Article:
…public discourse became a hindrance, rather than a boon, to the improvement of our nation

…Freedom of Speech went wrong.

Why the military has endorsed some video games


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In the continued crusade to blame video games for young people being violent (by the way, all worthwhile psychological studies show exactly the opposite is the case) I keep seeing people bring up the fact that a few years back, the military endorsed a few games that they contributed to in order to make people who will be going into the military better at the skills needed to succeed in the military.

People use this to say that the military outright stated that video games teach people to be violent and so they made ones that teach people to be violent the way they want them to be violent.

Anyone who has both played these games and learned to use firearms knows that these games do nothing to teach you how to actually use the weapons in them. They do not teach you how to handle recoil. They do not teach you how to properly re-acquire your target after firing when using a scope. They do not teach you how to hold a gun. They do not teach you the proper method for pulling a trigger. They do not teach you how to mitigate “Scope sway”. These games do not teach you *anything* about the proper use of a firearm, even at the amateur level much less the professional level. In many of the games, the bullet velocity is so far from reality (and thus all physics extrapolated from it is so unrealistic) that these games don’t even really teach you how to aim a gun.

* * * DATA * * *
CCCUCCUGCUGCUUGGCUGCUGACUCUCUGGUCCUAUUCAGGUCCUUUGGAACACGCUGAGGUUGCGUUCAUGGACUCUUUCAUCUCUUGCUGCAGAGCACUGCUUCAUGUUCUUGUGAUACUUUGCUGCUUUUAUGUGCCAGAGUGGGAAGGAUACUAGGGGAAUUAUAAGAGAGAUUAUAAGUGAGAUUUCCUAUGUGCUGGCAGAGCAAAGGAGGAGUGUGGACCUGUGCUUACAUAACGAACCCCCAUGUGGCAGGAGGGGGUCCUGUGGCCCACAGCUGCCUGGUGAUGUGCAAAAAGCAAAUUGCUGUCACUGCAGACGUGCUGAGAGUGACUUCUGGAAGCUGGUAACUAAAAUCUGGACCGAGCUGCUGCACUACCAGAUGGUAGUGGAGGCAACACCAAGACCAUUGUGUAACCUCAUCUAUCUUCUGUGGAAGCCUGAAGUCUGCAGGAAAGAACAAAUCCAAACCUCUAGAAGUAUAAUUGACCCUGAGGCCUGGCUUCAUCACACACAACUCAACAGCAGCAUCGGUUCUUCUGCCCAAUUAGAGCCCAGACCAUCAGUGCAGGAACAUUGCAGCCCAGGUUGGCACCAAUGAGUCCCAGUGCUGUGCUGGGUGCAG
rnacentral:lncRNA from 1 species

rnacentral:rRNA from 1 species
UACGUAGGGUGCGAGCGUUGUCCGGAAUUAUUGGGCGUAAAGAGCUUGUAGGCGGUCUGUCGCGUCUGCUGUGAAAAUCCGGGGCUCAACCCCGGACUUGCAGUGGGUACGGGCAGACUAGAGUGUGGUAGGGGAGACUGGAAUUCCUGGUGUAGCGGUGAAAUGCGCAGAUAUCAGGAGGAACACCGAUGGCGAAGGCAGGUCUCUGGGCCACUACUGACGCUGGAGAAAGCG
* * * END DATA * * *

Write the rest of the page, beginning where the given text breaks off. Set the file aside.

The military was not trying to use video games to teach people how to kill.

The games that the military contributed to and endorsed were squad-based tactics games with hostage situations. This is what they were trying to teach future enlistees.